Competitions and giveaways may include:
- Interact with the influencer’s post itself, such as liking the post and commenting on it with a specific phrase, hashtag, or photo, tagging up to three friends in the comments.
- Interact with the brand outside of the post, like; liking or following the brand on their social media channels, going to brand’s website to signup via a form or mailing list, submitting photos, stories, or other types of requirements to be judged by the brand.
In this example, Angi Fletcher, a model and fitness influencer, gave way a Natural Life gift box.
He gave followers who followed the brand’s Instagram and tagged a friend in her post’s comment.
4. Product and Content Collaborations
Some brands work together with influencers to co-create products or content. You see this commonly in the beauty and fashion industries, where influencers create their clothing line, accessories, or beauty products under the brand.
An example, Jaclyn Hill, a beauty influencer, created an eyeshadow palette in collaboration with the makeup brand Morphe.
If you’re manufacturing the products yourself this can be a very involved strategy. It’s seen more in brands that are dominating their industry.
If your business encounters these issues, you might want to consider opting for content collaboration for the time being.
Look at how plant-based food blogger Kimberly Espinel partnered with muesli brand Dee Muesli to create original recipes using their product.
Influencer marketing examples like this can last long, especially if influencers can showcase your brand in action while giving them a clear cut direction call-to-action (CTA).
Related: What Is Content Marketing? Complete Guide For Beginners
5. Long-Term Brand Ambassadors
Just as the name implies, a long-term ambassador is an influencer who’s in partnership with your brand for an elongated period. You could think of them as the ‘face’ of your brand, just like you see how celebrity spokespeople work in traditional advertising campaigns.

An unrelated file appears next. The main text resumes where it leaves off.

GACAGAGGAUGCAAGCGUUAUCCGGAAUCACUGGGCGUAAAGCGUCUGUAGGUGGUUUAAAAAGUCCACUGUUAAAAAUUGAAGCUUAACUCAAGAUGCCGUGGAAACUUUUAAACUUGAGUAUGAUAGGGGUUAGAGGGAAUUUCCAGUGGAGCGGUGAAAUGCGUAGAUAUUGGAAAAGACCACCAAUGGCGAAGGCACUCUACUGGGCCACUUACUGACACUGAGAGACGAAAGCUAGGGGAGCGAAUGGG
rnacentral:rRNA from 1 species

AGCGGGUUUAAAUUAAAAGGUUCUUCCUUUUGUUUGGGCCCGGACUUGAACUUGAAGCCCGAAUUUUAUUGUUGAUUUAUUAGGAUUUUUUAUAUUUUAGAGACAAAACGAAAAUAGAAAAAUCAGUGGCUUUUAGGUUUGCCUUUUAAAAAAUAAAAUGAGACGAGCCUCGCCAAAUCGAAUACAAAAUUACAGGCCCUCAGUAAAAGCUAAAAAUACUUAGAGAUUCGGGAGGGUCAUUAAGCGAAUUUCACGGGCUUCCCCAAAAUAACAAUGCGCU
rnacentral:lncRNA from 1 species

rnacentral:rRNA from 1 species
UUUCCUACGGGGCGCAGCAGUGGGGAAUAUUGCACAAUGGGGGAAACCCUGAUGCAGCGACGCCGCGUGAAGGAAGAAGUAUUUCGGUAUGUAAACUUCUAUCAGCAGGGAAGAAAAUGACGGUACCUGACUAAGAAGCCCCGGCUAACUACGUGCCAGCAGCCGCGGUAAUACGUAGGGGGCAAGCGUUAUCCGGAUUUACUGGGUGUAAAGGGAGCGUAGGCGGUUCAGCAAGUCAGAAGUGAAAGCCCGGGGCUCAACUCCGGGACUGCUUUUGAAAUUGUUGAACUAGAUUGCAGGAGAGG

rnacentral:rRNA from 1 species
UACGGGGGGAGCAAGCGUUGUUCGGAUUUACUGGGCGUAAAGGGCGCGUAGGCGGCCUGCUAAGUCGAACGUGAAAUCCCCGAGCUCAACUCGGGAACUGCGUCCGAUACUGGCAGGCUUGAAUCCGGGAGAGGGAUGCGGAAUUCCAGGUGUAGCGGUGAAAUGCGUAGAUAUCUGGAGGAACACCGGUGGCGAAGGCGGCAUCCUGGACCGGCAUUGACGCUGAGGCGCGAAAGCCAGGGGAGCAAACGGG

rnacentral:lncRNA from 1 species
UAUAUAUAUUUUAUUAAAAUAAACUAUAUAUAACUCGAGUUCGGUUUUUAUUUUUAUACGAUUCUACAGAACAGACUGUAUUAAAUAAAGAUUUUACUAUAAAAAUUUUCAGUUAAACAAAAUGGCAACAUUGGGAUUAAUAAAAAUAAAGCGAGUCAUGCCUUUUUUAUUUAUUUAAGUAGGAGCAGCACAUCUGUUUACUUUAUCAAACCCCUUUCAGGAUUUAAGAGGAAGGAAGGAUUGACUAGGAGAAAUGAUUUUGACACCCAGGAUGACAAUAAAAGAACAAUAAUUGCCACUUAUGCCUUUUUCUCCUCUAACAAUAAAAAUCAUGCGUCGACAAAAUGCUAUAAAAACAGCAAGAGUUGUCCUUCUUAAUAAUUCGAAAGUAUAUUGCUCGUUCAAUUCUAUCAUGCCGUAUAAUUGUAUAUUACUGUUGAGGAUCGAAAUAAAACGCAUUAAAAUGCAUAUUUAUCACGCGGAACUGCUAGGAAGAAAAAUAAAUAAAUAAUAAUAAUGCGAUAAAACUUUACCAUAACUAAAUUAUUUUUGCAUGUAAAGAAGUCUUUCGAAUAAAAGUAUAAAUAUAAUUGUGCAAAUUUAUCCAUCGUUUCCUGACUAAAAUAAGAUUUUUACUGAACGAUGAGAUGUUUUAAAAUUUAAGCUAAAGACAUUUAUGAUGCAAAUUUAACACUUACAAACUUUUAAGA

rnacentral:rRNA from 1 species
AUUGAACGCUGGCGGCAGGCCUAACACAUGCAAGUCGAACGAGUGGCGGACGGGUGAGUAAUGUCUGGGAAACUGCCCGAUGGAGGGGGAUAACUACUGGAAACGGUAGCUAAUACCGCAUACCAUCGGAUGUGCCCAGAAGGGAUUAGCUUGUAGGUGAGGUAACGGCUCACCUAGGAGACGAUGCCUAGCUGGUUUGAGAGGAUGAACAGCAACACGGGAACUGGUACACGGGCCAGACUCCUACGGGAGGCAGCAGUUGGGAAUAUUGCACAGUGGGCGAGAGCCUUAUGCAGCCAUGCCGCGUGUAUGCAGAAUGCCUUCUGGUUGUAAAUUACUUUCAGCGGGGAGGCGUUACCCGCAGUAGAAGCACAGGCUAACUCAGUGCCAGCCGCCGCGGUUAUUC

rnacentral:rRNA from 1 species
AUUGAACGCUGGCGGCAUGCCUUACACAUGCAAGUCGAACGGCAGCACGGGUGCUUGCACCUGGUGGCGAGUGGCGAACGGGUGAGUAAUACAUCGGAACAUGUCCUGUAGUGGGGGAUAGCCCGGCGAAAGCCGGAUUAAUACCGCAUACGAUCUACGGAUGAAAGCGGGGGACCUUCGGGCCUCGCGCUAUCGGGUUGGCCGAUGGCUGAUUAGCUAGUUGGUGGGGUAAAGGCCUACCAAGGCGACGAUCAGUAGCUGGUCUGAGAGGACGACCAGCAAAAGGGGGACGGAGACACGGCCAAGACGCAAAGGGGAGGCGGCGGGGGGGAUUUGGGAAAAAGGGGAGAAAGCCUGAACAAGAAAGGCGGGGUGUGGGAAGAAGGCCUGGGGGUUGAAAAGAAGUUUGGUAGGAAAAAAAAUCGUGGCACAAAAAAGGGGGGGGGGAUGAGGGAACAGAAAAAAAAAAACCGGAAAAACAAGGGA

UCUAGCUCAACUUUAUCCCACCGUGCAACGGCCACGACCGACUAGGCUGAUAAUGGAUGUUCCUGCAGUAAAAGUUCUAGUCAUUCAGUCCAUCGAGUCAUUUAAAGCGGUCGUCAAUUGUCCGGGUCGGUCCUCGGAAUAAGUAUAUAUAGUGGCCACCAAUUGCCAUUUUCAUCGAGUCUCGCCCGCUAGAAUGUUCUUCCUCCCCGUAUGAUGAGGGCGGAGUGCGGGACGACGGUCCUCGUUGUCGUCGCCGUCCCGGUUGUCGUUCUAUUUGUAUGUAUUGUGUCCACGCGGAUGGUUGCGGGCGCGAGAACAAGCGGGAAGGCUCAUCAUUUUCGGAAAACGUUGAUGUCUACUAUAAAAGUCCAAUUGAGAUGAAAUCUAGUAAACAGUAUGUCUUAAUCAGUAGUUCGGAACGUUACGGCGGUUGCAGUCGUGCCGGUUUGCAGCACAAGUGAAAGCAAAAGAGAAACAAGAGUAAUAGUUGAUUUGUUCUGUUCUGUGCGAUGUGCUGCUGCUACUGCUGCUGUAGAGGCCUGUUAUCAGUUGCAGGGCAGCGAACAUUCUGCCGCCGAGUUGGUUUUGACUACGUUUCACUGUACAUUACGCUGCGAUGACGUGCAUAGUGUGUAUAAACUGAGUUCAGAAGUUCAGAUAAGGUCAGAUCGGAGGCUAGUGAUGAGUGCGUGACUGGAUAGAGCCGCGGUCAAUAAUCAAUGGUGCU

In opposition to other influencer marketing examples that might be one-off or fewer posts, a brand ambassador might promote your brand for months or even a year longer. This type of influencer marketing campaigns can yield excellent results because:
- Repetition keeps your brand in the minds of the ambassador’s audience.
- The more frequent promotion gives room to showcase your company’s versatility.
- A more robust relationship with the influencer indicates more trust, credibility, and authenticity in their audience’s sights.
- There’s a lesser churn rate in your marketing strategy, which usually equates to less uncertainty and more convenience.
Fitness personality Matt Upston posts a tweet glorifying three years of being an ambassador for sports nutrition company Science in Sport.
(Two-for-one exclusive: it’s a brand ambassador entertaining a giveaway!)
6. “Takeovers” on Your Platforms
The first five tactics have been about your brand, showing up on an influencer’s platform(s), this one involves the influencer showing up on yours.
In a takeover, the brand grants the influencer access to its social media channels of choice for a set time.
Influencers can create interesting behind-the-scenes or day-in-the-life-of posts, videos, or stories to keep your audience entertained and engaged.
The major turn off of this influencer marketing example is that you practically have to give the influencer your password. For apparent reasons, you’ll need to ensure there’s a high level of trust. Possibly a contract too.
If you have a Snapchat: the platform created a feature whereby your account post takeover stories without giving out your login information. Please read about it here.
Related: What Is Email Marketing? Learn Why It’s Important
Now you’re aware of the different types of influencer marketing campaigns and examples out there.
I’ve covered everything from short term to shoutouts and sponsored content, to long-term brand ambassador involvements. Each point has its pros and cons that you must study when putting your influencer marketing strategy together.
If done correctly, you’ll create a great campaign that grows off the credibility of others to land your brand and products in front of the ideal people in the appropriate way.